A Strange Concoction to Consider: Fan Fiction and State Testing

aafad 225/365 under new management … flickr photo by lamont_cranston shared under a Creative Commons (BY-NC-SA) license

We’re into state test prep season (our ELA test is a few weeks away) and our state of Massachusetts is in the midst of some pretty significant changes to what we call MCAS. The state claims to have moved away from PARCC, but that’s not really the case with its MCAS 2.o or MCAS Next Generation.

Everything MCAS is moving to computer-based testing over the next two years, which is already posing a logistical challenge at my school, and the kinds of texts and questions and tasks being asked of my sixth graders are also changing, becoming more complex on many levels (reading across multiple texts and genres, paired multiple choice questions, etc.)

As I work with my young writers on learning how to approach what is known as the Narrative Task, I find myself amused at how the whole concept seems like a riff out of the Fan Fiction textbook. This is something we were exploring in Networked Narratives, too.

Let me explain …

The MCAS Narrative Task is built on the concept of reading a story, or a passage from a novel or larger piece of text, and then writing the “next section” of the story, with consideration of some concept — mostly, we’ve been seeing a focus on character and setting in sixth grade but fifth grade has been about shifting point of view.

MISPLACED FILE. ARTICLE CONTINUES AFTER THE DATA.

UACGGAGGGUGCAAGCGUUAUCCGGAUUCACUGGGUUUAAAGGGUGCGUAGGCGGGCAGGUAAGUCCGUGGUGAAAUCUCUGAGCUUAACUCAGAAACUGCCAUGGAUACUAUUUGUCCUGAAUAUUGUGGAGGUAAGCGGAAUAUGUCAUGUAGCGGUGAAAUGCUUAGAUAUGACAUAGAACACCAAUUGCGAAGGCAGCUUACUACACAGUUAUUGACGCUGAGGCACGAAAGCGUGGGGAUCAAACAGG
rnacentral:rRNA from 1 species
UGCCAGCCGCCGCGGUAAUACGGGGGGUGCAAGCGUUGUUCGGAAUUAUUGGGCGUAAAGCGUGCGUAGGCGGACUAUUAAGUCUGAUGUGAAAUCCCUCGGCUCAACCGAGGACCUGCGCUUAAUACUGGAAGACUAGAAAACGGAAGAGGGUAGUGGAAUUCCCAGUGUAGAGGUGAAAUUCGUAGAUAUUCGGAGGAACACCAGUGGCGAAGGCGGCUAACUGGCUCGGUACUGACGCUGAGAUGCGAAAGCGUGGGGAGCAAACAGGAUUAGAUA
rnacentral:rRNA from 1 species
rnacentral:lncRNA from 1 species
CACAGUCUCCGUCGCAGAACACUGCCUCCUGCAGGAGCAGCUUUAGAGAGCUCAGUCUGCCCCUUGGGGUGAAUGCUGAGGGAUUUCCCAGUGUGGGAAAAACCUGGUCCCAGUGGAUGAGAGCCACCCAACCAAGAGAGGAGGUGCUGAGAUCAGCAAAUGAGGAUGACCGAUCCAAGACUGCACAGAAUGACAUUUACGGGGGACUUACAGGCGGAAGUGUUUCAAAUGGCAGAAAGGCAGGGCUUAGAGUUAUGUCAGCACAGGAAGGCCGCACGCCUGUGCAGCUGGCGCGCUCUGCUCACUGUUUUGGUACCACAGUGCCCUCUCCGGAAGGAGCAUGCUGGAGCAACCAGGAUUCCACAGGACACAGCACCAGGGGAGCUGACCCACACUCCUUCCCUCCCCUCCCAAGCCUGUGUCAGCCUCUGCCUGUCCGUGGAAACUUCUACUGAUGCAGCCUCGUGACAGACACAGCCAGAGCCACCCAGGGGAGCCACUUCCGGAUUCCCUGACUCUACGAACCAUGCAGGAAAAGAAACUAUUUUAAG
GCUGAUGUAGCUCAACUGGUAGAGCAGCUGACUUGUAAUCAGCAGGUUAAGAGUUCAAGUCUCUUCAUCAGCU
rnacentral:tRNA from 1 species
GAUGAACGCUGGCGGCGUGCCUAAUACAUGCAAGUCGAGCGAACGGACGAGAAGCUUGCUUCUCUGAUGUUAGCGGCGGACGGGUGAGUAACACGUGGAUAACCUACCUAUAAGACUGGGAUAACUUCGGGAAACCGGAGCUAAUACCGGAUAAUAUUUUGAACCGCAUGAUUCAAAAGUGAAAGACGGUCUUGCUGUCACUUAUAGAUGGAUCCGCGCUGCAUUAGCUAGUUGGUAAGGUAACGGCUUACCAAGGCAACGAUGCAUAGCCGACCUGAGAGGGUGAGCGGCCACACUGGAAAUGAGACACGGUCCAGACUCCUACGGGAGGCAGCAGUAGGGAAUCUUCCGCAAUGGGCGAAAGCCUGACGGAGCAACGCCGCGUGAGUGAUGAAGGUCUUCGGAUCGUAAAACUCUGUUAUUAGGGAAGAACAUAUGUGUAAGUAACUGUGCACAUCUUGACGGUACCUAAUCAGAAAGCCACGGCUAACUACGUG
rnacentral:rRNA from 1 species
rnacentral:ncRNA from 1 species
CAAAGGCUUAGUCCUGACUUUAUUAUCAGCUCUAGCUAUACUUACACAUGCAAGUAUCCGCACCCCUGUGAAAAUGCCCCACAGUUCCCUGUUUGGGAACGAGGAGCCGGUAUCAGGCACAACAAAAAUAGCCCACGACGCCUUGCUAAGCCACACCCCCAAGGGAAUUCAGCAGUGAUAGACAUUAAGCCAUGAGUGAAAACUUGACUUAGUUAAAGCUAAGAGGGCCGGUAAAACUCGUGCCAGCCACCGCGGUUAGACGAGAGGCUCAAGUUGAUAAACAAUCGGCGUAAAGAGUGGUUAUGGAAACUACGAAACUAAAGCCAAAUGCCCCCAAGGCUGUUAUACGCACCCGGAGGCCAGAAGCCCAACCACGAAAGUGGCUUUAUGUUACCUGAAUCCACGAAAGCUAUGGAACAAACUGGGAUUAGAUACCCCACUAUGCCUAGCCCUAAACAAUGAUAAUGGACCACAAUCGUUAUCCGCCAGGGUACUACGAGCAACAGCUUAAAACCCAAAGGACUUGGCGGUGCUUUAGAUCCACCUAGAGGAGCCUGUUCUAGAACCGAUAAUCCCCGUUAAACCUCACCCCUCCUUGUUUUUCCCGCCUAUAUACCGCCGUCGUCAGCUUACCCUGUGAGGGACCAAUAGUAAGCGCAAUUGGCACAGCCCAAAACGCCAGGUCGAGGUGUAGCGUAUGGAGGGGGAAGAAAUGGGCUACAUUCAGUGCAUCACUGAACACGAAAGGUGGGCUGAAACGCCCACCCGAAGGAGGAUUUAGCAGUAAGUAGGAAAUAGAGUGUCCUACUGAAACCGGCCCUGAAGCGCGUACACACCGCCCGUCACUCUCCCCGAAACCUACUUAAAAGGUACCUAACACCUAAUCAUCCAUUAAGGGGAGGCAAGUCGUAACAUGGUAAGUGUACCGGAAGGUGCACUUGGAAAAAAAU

So, for example, in a sample we did last week, my students read about a girl and a nanny, in a rainstorm, rushing to meet an unknown aunt. Their assignment was to continue the story, with the characters and setting, and determine what happens next. And yesterday, I had them plucking minor characters from novels we are reading, or have read, and write a new story.

In other words, just like fan fiction, you take characters that exist in literature and bring them into an imaginary space (or world) that you create, with a story that you write, and you bring them to life in ways that you choose. That’s fan fiction, in a sort of nutshell, right? For example, let’s pluck Hermoine and Malfoy from Harry Potter series and send them off on an adventure. Or what would happen if Katniss Everdeen bumped into Luke Skywalker? (At least, they’re not siblings. Or are they?)

We’ve been talking about Fan Fiction in Networked Narratives, as a way that writers find spaces to write, outside of school confines, with interests that bring them into a larger, but slightly hidden, online community. Fan Fiction has many elements of what we term Connected Learning.

Now, granted, some fan fiction gets a little … adult, in content. I don’t think the state folks want to see any slash fiction (note: not necessarily violent and not about the GnR guitar player, but a genre in which two characters from different books meet, and likely hook up) in my students’ writing samples. But this notion of taking a character for a walk into your own story has its roots in fan fiction.

Which makes it odd, and interesting, that the idea behind fan fiction would be the underpinning of the Narrative Task on a state test.

Peace (a fan of it),


One Comment
  1. My 8th grader spends an astounding amount of time writing fan fiction, often with her friends. They’ve typically got one story in full swing with several others in planning stages. All in google docs. I’ve loved all the writing she’s doing, but have been sort of flummoxed by the fan fiction aspect, as that’s not a genre that has every really interested me as a writer (or much as a reader). So the idea that these are skills that would serve her more widely is highly intriguing.

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